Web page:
OCZ Ibis SSD has four-way internal RAID, HSDL interface

While most solid-state disks are squeezed into the 2.5″ hard drive form factor, OCZ has been pursuing alternatives quite aggressively. The company already has 3.5″ and 1.8″ SSDs, and it’s put flash chips on mini and full-size PCI Express cards. OCZ has now introduced the Ibis, a 3.5″ solid-state drive that houses an internal RAID and connects to host systems via a new HSDL interface.

Otherwise known as the High Speed Data Link, HSDL was developed by OCZ to offer gobs of bandwidth to performance-starved users. The interface consolidates four lanes of PCI Express connectivity in a single SAS cable and purportedly offers 2-4GB/s of bandwidth. That might seem excessive given the speed of contemporary SSDs, but the Ibis is no ordinary solid-state disk. It has no fewer than four SandForce SF-1200 controllers onboard and is available in capacities up to 960GB.

AnandTech has taken a closer look at the Ibis, and its performance is impressive to say the least. The drive manages to eclipse 800MB/s with sequential reads and push nearly 675MB/s with sequential writes. Performance with random reads and writes is even more impressive—try 130,000 IOps for the latter and over 90,000 IOps for the former.

Obviously, the Ibis line is targeted at servers and workstations. Drives start at $529 for the 100GB model and range up to $2800 for the 960GB flagship. OCZ is shipping the Ibis with an HSDL card that has a single port and a PCIe x1 interface limited for gen-one speeds. An optional four-port card supports PCI Express 2.0 and looks to have an x4 interface.

Comments closed
    • blastdoor
    • 9 years ago

    Wow… is 800 MB/sec approximately the speed of RAM circa 2000, or am I remembering that wrong?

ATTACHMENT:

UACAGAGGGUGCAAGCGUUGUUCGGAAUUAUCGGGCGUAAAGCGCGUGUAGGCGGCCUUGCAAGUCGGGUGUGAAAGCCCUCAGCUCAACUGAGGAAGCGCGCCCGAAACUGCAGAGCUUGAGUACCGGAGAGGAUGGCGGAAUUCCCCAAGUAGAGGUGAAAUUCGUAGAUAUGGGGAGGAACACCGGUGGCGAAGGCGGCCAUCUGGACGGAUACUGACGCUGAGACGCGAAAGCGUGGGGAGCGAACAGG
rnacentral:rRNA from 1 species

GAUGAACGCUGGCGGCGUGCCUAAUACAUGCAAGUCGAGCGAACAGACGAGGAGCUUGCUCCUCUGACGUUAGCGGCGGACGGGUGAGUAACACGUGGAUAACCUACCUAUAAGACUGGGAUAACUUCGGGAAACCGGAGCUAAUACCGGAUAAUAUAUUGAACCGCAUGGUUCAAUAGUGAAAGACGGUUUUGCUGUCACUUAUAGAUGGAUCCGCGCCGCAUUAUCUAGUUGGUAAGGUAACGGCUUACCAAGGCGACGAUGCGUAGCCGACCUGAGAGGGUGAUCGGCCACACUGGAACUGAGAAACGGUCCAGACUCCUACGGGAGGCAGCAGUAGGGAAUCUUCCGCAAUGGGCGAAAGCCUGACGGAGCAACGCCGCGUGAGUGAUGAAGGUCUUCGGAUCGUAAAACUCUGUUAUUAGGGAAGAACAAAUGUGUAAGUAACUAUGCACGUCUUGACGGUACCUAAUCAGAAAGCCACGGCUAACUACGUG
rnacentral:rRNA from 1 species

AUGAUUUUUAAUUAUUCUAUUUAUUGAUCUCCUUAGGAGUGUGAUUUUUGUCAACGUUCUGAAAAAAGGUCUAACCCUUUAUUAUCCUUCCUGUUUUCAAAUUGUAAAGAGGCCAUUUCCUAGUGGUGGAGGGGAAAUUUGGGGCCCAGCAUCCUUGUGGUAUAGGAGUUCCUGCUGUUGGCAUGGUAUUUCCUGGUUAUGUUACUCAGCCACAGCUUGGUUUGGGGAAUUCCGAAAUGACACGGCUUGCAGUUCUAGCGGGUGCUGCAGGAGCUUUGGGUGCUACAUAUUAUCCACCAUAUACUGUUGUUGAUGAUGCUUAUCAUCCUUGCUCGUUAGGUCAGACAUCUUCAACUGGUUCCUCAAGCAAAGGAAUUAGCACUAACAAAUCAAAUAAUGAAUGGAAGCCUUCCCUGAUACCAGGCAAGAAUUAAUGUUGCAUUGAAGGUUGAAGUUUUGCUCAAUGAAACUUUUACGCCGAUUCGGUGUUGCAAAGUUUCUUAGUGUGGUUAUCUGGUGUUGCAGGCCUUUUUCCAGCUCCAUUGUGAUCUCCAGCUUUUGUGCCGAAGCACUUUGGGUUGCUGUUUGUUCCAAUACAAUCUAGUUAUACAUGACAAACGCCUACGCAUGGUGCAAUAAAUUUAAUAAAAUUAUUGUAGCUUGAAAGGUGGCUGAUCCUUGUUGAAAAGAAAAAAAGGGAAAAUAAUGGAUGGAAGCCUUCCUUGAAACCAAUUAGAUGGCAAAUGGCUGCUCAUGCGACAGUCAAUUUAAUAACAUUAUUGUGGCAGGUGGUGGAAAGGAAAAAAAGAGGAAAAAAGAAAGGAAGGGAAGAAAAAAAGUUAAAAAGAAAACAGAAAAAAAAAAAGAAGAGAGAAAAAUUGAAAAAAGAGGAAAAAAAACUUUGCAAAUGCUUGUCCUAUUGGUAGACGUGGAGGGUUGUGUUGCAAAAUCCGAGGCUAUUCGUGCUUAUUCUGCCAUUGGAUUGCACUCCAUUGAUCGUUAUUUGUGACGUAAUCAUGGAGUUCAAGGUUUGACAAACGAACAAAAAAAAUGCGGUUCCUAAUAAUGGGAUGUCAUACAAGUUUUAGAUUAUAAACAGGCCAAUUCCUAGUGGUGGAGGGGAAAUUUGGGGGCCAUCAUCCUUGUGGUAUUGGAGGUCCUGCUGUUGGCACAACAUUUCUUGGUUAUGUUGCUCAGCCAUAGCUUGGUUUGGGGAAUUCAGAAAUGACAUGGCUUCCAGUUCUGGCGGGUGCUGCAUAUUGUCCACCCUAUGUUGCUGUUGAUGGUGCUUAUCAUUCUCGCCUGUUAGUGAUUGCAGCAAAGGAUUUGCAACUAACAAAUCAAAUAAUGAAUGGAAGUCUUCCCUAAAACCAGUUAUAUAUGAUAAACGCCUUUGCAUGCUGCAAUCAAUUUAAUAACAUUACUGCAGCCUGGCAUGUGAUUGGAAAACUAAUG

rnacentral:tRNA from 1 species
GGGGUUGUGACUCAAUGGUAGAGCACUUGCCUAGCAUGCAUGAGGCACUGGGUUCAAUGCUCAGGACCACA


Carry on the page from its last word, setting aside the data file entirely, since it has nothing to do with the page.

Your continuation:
• UberGerbil
    • 9 years ago

    I was wondering when Fusion IO was going to get some competition….

      • StashTheVampede
      • 9 years ago

      FusionIO has nothing to fear them these. They are strictly PCIe boards and already have been OEMs to HP and Dell.

        • UberGerbil
        • 9 years ago

        Sure, but there’s a big gulf between Fusion IO and run-of-the-mill (or even “pro” SLC NAND) SSDs — both in price and performance. There’s room for Fusion IO to grow down, or one of the SSD vendors to grow up, into that space. I was actually expecting Intel (or their partner, Micron) to go there first, since they have all the pieces and it’s a good fit in other ways. They probably still will. And to the extent that eats away at the potential for Fusion IO to expand its offerings, it’s competition.

    • PrincipalSkinner
    • 9 years ago

    Not bad. But can it start Crysis in one second? 🙂

      • Byte Storm
      • 9 years ago

      It can start the internet in one second

        • axeman
        • 9 years ago

        Fool, the internet is wireless.

    • Sargent Duck
    • 9 years ago

    Forget 3-way SLI, this is now the e-peen king!

      • internetsandman
      • 9 years ago

      3-way SLI hasn’t been the e-peen king since EVGA introduced those 4-way SLI, dual LGA 1366 socket motherboards. Since then, 3 way SLI has just been “very impressive” not “uber-e-peen”

    • cygnus1
    • 9 years ago

    Yes. I could easily see a couple of those in a mirror in a database server.

    • ModernPrimitive
    • 9 years ago

    I may have to sell my car laptop and desk top and buy one of those… oh nevermind.

    Impressive performance though ! Nothing like screaming benchmarks over a cup of Seattle’s Best

    • mongoosesRawesome
    • 9 years ago

    Obviously not for me or for consumers, but $529 for performance like that? That’s a great deal for servers – as long as they aren’t consuming a lot of storage.

      • ybf
      • 9 years ago

      I don’t see why it wouldn’t be for consumers. Some consumers don’t mind paying $2k-4k for ass-kicking desktops.

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